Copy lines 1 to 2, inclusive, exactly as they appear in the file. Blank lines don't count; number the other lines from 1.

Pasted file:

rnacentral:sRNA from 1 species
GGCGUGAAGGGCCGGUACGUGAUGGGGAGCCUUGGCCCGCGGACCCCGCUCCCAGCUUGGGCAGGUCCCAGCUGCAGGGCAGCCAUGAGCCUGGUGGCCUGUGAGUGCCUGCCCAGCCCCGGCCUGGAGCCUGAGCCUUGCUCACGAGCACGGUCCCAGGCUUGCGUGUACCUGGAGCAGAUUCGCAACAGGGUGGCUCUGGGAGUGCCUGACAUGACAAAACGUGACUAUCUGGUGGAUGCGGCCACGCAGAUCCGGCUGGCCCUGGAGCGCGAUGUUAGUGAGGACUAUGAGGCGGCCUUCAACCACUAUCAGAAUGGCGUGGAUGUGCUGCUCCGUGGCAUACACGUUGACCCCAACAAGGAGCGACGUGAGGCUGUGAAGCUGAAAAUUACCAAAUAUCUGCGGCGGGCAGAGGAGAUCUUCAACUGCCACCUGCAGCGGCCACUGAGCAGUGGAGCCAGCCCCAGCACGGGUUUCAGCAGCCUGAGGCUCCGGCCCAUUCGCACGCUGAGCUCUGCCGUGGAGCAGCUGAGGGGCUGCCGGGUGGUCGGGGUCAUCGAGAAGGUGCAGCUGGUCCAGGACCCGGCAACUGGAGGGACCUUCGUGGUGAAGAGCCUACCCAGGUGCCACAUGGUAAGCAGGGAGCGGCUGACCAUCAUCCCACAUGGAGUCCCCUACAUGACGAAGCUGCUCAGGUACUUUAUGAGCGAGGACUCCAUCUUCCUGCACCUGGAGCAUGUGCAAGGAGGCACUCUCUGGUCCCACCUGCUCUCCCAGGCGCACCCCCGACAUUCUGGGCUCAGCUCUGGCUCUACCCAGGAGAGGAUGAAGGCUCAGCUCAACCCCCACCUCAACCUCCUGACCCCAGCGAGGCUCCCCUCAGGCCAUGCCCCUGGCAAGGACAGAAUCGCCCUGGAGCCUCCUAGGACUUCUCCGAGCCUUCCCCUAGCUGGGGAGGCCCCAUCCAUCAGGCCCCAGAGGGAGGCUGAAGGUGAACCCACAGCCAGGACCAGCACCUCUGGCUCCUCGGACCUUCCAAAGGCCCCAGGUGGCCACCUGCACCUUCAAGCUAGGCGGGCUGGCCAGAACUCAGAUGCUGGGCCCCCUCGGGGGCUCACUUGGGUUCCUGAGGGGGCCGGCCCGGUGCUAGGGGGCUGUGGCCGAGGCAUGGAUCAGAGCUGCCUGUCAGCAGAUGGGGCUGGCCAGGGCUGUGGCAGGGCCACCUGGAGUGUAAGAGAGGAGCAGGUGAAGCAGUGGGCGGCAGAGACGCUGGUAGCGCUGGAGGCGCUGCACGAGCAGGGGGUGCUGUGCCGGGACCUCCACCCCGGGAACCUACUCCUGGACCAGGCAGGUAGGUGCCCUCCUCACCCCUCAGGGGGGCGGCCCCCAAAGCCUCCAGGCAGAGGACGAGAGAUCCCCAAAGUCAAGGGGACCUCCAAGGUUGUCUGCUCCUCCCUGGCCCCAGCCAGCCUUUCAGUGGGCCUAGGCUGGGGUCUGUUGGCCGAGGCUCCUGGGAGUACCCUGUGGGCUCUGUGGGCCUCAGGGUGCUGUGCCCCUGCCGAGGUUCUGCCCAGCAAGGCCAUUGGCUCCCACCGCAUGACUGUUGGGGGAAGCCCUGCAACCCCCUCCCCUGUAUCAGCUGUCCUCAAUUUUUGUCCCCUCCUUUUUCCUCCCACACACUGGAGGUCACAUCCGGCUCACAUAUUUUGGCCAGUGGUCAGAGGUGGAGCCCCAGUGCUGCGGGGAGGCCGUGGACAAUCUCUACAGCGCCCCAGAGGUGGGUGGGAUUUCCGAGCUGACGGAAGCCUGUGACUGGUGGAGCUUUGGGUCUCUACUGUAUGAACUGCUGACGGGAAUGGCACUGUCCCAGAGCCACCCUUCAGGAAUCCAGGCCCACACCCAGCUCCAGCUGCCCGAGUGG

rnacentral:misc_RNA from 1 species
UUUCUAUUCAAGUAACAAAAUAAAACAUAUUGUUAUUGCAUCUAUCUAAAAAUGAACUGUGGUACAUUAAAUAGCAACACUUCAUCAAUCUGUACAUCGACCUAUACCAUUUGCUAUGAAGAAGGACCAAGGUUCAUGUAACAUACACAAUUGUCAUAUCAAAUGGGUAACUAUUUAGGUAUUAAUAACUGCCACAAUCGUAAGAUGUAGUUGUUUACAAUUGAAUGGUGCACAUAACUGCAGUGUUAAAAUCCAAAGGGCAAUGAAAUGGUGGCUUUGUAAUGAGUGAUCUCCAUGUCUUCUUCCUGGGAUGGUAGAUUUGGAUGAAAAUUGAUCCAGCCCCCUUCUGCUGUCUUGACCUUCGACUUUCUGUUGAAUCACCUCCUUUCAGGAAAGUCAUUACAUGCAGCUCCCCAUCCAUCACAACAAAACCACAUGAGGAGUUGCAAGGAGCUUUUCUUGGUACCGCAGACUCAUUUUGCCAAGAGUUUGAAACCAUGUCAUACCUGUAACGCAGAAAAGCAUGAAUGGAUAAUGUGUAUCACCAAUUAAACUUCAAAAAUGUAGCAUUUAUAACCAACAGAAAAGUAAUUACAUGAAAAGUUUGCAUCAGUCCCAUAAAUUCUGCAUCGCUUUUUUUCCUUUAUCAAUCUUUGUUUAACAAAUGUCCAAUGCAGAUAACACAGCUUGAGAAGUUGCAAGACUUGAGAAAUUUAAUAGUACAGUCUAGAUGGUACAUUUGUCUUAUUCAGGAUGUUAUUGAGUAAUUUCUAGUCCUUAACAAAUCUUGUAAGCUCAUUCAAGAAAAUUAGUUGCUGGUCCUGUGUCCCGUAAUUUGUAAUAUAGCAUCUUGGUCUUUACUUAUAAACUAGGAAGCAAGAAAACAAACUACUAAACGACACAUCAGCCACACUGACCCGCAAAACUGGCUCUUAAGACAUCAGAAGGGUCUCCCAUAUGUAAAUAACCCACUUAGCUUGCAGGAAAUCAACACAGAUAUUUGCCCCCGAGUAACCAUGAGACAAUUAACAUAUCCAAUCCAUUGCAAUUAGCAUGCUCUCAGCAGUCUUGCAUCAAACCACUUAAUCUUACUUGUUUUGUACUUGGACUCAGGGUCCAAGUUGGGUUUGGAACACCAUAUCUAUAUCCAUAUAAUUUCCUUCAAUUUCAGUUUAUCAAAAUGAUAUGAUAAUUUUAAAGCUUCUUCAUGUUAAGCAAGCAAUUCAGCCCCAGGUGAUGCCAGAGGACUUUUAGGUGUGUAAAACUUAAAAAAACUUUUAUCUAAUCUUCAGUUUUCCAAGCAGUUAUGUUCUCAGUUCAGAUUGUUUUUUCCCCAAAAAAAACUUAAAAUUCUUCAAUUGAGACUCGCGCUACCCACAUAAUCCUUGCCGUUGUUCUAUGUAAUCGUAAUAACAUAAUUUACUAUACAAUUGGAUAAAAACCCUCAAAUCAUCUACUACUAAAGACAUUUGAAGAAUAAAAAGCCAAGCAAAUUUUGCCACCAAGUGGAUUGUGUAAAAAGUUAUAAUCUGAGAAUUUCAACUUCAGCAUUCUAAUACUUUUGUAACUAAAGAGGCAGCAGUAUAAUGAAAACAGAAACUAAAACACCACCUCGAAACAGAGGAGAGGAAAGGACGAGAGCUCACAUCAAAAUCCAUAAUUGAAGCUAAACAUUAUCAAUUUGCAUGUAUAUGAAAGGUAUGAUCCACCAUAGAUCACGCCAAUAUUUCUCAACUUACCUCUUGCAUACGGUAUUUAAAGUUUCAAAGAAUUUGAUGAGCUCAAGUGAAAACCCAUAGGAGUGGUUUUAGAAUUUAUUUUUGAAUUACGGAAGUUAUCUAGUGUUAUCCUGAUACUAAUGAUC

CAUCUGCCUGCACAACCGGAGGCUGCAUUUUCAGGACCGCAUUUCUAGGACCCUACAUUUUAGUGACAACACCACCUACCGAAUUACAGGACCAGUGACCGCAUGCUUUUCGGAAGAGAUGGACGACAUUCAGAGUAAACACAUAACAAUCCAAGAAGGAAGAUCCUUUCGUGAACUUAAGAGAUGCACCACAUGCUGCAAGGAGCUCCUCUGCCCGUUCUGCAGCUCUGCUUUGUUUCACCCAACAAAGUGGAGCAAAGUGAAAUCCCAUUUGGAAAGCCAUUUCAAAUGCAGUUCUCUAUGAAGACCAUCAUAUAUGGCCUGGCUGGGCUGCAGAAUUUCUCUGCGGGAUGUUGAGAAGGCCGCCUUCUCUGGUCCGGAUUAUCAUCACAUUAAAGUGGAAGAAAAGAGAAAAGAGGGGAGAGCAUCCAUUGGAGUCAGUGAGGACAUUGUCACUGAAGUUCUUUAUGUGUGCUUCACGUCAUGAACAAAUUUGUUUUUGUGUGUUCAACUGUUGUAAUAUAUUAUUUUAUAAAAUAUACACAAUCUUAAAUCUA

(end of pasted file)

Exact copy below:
rnacentral:sRNA from 1 species
GGCGUGAAGGGCCGGUACGUGAUGGGGAGCCUUGGCCCGCGGACCCCGCUCCCAGCUUGGGCAGGUCCCAGCUGCAGGGCAGCCAUGAGCCUGGUGGCCUGUGAGUGCCUGCCCAGCCCCGGCCUGGAGCCUGAGCCUUGCUCACGAGCACGGUCCCAGGCUUGCGUGUACCUGGAGCAGAUUCGCAACAGGGUGGCUCUGGGAGUGCCUGACAUGACAAAACGUGACUAUCUGGUGGAUGCGGCCACGCAGAUCCGGCUGGCCCUGGAGCGCGAUGUUAGUGAGGACUAUGAGGCGGCCUUCAACCACUAUCAGAAUGGCGUGGAUGUGCUGCUCCGUGGCAUACACGUUGACCCCAACAAGGAGCGACGUGAGGCUGUGAAGCUGAAAAUUACCAAAUAUCUGCGGCGGGCAGAGGAGAUCUUCAACUGCCACCUGCAGCGGCCACUGAGCAGUGGAGCCAGCCCCAGCACGGGUUUCAGCAGCCUGAGGCUCCGGCCCAUUCGCACGCUGAGCUCUGCCGUGGAGCAGCUGAGGGGCUGCCGGGUGGUCGGGGUCAUCGAGAAGGUGCAGCUGGUCCAGGACCCGGCAACUGGAGGGACCUUCGUGGUGAAGAGCCUACCCAGGUGCCACAUGGUAAGCAGGGAGCGGCUGACCAUCAUCCCACAUGGAGUCCCCUACAUGACGAAGCUGCUCAGGUACUUUAUGAGCGAGGACUCCAUCUUCCUGCACCUGGAGCAUGUGCAAGGAGGCACUCUCUGGUCCCACCUGCUCUCCCAGGCGCACCCCCGACAUUCUGGGCUCAGCUCUGGCUCUACCCAGGAGAGGAUGAAGGCUCAGCUCAACCCCCACCUCAACCUCCUGACCCCAGCGAGGCUCCCCUCAGGCCAUGCCCCUGGCAAGGACAGAAUCGCCCUGGAGCCUCCUAGGACUUCUCCGAGCCUUCCCCUAGCUGGGGAGGCCCCAUCCAUCAGGCCCCAGAGGGAGGCUGAAGGUGAACCCACAGCCAGGACCAGCACCUCUGGCUCCUCGGACCUUCCAAAGGCCCCAGGUGGCCACCUGCACCUUCAAGCUAGGCGGGCUGGCCAGAACUCAGAUGCUGGGCCCCCUCGGGGGCUCACUUGGGUUCCUGAGGGGGCCGGCCCGGUGCUAGGGGGCUGUGGCCGAGGCAUGGAUCAGAGCUGCCUGUCAGCAGAUGGGGCUGGCCAGGGCUGUGGCAGGGCCACCUGGAGUGUAAGAGAGGAGCAGGUGAAGCAGUGGGCGGCAGAGACGCUGGUAGCGCUGGAGGCGCUGCACGAGCAGGGGGUGCUGUGCCGGGACCUCCACCCCGGGAACCUACUCCUGGACCAGGCAGGUAGGUGCCCUCCUCACCCCUCAGGGGGGCGGCCCCCAAAGCCUCCAGGCAGAGGACGAGAGAUCCCCAAAGUCAAGGGGACCUCCAAGGUUGUCUGCUCCUCCCUGGCCCCAGCCAGCCUUUCAGUGGGCCUAGGCUGGGGUCUGUUGGCCGAGGCUCCUGGGAGUACCCUGUGGGCUCUGUGGGCCUCAGGGUGCUGUGCCCCUGCCGAGGUUCUGCCCAGCAAGGCCAUUGGCUCCCACCGCAUGACUGUUGGGGGAAGCCCUGCAACCCCCUCCCCUGUAUCAGCUGUCCUCAAUUUUUGUCCCCUCCUUUUUCCUCCCACACACUGGAGGUCACAUCCGGCUCACAUAUUUUGGCCAGUGGUCAGAGGUGGAGCCCCAGUGCUGCGGGGAGGCCGUGGACAAUCUCUACAGCGCCCCAGAGGUGGGUGGGAUUUCCGAGCUGACGGAAGCCUGUGACUGGUGGAGCUUUGGGUCUCUACUGUAUGAACUGCUGACGGGAAUGGCACUGUCCCAGAGCCACCCUUCAGGAAUCCAGGCCCACACCCAGCUCCAGCUGCCCGAGUGG